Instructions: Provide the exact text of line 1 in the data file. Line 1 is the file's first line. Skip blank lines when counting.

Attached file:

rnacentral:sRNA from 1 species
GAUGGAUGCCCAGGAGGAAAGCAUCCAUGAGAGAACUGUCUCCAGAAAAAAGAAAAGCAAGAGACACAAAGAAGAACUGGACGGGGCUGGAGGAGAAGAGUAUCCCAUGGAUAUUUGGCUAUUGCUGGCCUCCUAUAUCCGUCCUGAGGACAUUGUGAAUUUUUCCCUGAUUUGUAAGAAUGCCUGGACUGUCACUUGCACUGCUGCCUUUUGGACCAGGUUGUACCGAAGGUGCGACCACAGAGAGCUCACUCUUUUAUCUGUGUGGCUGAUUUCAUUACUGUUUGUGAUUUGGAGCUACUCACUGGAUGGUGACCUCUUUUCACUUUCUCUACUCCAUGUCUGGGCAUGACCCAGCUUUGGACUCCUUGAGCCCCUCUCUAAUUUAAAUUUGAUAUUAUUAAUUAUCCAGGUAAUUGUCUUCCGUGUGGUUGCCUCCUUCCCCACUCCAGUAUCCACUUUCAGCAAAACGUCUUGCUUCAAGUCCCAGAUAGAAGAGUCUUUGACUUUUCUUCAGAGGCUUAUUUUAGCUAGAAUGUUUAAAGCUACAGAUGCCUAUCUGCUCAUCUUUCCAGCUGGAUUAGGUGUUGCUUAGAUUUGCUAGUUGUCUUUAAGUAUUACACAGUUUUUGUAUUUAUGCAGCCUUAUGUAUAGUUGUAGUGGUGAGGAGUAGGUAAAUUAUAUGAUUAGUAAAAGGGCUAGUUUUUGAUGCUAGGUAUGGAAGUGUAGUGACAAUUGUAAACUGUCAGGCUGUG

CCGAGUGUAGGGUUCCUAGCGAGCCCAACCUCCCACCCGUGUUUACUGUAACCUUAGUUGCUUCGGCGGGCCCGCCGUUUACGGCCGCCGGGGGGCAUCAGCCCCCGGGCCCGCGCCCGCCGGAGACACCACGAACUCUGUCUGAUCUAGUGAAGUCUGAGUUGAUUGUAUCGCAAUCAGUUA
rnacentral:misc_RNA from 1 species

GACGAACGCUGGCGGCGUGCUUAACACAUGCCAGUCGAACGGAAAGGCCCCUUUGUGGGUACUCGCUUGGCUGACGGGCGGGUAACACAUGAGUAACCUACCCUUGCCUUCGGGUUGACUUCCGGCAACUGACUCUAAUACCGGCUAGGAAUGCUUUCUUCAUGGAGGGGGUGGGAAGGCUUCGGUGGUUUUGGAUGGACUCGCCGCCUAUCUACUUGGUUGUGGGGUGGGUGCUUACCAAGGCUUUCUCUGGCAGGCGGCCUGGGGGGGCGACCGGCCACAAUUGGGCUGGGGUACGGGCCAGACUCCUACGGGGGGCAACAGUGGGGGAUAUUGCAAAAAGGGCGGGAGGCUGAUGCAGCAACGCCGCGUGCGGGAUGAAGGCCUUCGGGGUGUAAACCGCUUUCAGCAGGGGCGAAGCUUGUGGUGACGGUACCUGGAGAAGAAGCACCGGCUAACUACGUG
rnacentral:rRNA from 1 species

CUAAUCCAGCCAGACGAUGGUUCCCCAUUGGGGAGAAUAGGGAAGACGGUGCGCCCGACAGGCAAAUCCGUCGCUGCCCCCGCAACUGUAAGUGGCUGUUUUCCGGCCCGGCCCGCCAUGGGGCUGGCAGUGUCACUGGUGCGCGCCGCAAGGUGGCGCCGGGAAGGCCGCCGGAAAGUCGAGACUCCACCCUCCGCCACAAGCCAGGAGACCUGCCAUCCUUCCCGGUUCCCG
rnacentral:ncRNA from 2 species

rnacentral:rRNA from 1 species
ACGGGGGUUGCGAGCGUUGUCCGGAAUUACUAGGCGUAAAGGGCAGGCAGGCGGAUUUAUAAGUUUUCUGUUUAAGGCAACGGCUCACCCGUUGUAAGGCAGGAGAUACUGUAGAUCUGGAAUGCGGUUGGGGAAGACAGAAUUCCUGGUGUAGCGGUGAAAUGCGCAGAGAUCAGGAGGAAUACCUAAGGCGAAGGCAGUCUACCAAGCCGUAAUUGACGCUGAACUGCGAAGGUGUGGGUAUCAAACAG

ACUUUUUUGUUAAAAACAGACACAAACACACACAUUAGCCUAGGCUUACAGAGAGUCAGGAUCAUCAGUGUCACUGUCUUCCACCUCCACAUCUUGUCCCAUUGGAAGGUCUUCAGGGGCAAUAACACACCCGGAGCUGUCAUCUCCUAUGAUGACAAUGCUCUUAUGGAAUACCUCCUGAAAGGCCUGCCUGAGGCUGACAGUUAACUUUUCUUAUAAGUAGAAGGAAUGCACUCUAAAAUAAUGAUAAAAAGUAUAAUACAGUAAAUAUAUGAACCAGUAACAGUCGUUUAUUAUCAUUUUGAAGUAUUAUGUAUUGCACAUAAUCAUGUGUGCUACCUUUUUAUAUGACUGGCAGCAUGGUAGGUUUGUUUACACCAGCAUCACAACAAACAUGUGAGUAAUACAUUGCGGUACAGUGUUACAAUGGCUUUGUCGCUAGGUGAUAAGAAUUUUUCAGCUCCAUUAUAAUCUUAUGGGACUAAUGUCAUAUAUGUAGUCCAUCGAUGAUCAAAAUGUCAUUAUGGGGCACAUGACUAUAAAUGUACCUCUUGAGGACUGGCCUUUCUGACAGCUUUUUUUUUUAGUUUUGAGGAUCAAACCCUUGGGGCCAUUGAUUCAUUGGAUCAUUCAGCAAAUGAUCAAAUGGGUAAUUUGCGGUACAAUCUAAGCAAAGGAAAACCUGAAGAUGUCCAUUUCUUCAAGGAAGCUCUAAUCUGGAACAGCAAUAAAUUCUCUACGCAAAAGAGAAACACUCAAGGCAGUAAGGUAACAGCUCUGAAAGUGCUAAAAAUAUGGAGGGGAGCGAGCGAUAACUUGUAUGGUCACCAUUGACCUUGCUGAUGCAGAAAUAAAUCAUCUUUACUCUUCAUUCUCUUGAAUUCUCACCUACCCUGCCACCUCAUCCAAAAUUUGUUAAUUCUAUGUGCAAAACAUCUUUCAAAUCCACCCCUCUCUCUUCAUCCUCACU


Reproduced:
rnacentral:sRNA from 1 species